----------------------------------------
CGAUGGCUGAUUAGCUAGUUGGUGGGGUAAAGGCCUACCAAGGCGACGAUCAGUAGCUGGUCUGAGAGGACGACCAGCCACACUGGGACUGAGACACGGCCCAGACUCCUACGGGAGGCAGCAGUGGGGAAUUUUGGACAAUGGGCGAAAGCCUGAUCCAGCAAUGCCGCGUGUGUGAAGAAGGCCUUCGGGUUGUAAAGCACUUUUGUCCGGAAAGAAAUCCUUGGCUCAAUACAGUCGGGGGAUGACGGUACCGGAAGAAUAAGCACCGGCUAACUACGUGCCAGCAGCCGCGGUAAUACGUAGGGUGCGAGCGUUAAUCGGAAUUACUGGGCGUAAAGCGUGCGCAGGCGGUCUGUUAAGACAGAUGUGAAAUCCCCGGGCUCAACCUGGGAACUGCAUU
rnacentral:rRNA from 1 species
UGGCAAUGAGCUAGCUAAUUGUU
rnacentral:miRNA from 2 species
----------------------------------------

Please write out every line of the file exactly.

CGAUGGCUGAUUAGCUAGUUGGUGGGGUAAAGGCCUACCAAGGCGACGAUCAGUAGCUGGUCUGAGAGGACGACCAGCCACACUGGGACUGAGACACGGCCCAGACUCCUACGGGAGGCAGCAGUGGGGAAUUUUGGACAAUGGGCGAAAGCCUGAUCCAGCAAUGCCGCGUGUGUGAAGAAGGCCUUCGGGUUGUAAAGCACUUUUGUCCGGAAAGAAAUCCUUGGCUCAAUACAGUCGGGGGAUGACGGUACCGGAAGAAUAAGCACCGGCUAACUACGUGCCAGCAGCCGCGGUAAUACGUAGGGUGCGAGCGUUAAUCGGAAUUACUGGGCGUAAAGCGUGCGCAGGCGGUCUGUUAAGACAGAUGUGAAAUCCCCGGGCUCAACCUGGGAACUGCAUU
rnacentral:rRNA from 1 species
UGGCAAUGAGCUAGCUAAUUGUU
rnacentral:miRNA from 2 species